The book is about Tamaya, a 5th grader.  Her friend, Marshall walks home with her each day but one day, (due to a bullying-type incident), Marshall decides that they need to take a shortcut through the forbidden woods. Needless to say, it doesn't go well and Tamaya discovers something in the woods that will change their city.

The writing is fascinating as Sachar moves between Tamaya's story and excerpts from secret Senate Hearings.  Sachar weaves this story together in a way that builds suspense and gets you to care about the characters.

I don't want to give lots away as I loved reading this story and seeing how it unfolded without knowing too much about it.  My thinking is that this would be a fabulous read aloud for 5thish grade. So much to talk about in terms of choices, consequences, how we treat others, etc.

I also think this is the perfect book to hand to kids who love adventures, fantasy, science fiction, etc.  I know that much of what I read is a more realistic, quiet, sad,hopeful type of reading and I love finding more books for readers who want more adventure.  5th grade seems to be a great age to introduce kids to science fiction/dystopia and this seems to be a good transition to that genre.

Really, one of my favorite reads of the year!

Thursday, September 17, 2015

Poetry Friday -- To My Students


You be the leader, and I'll be the cheer,
You be the pilot; I'll let you steer.

You be the talent, and I'll be the scout,
You be applause; I'll be a shout.

I'll be the sleep, and you be the dream,
I'll be the banks; you be the stream.

I'll be the roots, and you be the pine,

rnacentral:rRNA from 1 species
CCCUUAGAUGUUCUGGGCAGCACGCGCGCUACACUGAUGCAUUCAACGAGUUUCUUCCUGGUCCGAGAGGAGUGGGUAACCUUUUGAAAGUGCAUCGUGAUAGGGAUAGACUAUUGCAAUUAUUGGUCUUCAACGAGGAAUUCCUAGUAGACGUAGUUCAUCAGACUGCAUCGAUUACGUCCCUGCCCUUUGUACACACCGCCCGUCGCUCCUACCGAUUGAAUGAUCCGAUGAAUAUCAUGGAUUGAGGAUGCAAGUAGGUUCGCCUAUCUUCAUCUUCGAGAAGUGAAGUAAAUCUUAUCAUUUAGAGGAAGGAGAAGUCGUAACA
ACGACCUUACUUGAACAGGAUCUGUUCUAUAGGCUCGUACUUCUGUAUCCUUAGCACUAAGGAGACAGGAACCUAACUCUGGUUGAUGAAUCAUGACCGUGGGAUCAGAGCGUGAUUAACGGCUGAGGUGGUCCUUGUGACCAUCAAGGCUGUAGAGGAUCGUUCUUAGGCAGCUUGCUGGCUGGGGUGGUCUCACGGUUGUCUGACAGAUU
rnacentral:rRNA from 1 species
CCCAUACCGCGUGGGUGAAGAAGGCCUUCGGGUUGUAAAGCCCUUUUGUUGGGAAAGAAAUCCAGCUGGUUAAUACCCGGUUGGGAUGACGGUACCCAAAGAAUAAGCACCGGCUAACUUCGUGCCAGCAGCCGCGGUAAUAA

I'll be the fence; you be the vine.

©Mary Lee Hahn, 2015

I've had fun with this form, introduced to us by Tabatha a couple of weeks ago.

This week, Michelle has the Poetry Friday roundup at Today's Little Ditty, and next week, Janet Wong will be the guest hostess at Sylvia Vardell's blog, Poetry For Children.

Wednesday, September 16, 2015

Another "Pair Share" Pair

I had so much fun with Monday's "Pair Share" post, that I thought I'd highlight another new pair I just put in the tub!

Austin, Lost in America
by Jef Czekaj
HarperCollins, 2015
review copy provided by the publisher

Austin is a pet store dog who wants a real home, so he sets off to check out every state to see if that's where he is meant to be. Readers get an interesting fact or two about each of the 50 states. With a name like Austin, you can imagine in which state he winds up, but I won't spoil the entire surprise ending.

Austin, Lost in America pairs well with the oldie but goodie

Go, Go America
by Dan Yaccarino
Scholastic Press, 2008

This book has one of the most fun table of contents ever -- it is a map of the U.S. with the path the Farley family takes from state to state drawn with a dotted white line and the page number for each state written in a road sign shape! The Farleys drive from Maine to Hawaii and there is a page or a double page spread filled with factoids about each state, its notable inventions and famous people,  and its wacky laws.

Monday, September 14, 2015

The "Pair Share" Tub in My Classroom Library

I started building the "Pair Share" tub one year when I had a group of students who were crazy about partner reading. I wanted to give this social approach to reading a little more depth, a little more meat.

Rather than letting pairs always read one book together, I found pairs of books that went together in obvious or subtle ways. Then, when students wanted to partner read, they also had books that were partners! They could read each of the two books together and talk about them as they went, or they could sit side by side, each reading a different book, and compare their thinking after reading. They could also create an (optional) small project to share their reading and thinking with the class. Because the "Pair Share" books are picture books, this partner reading is a short term break from a reader's typical 5th grade reading goals, but also serves to honor a Wide Reading goal in a fun way.

When I received a review copy of Fab Four Friends, I knew I had the perfect book to pair it with for the "Pair Share" tub!

Fab Four Friends
by Susanna Reich
illustrated by Adam Gustavson
Henry Holt and Company, 2015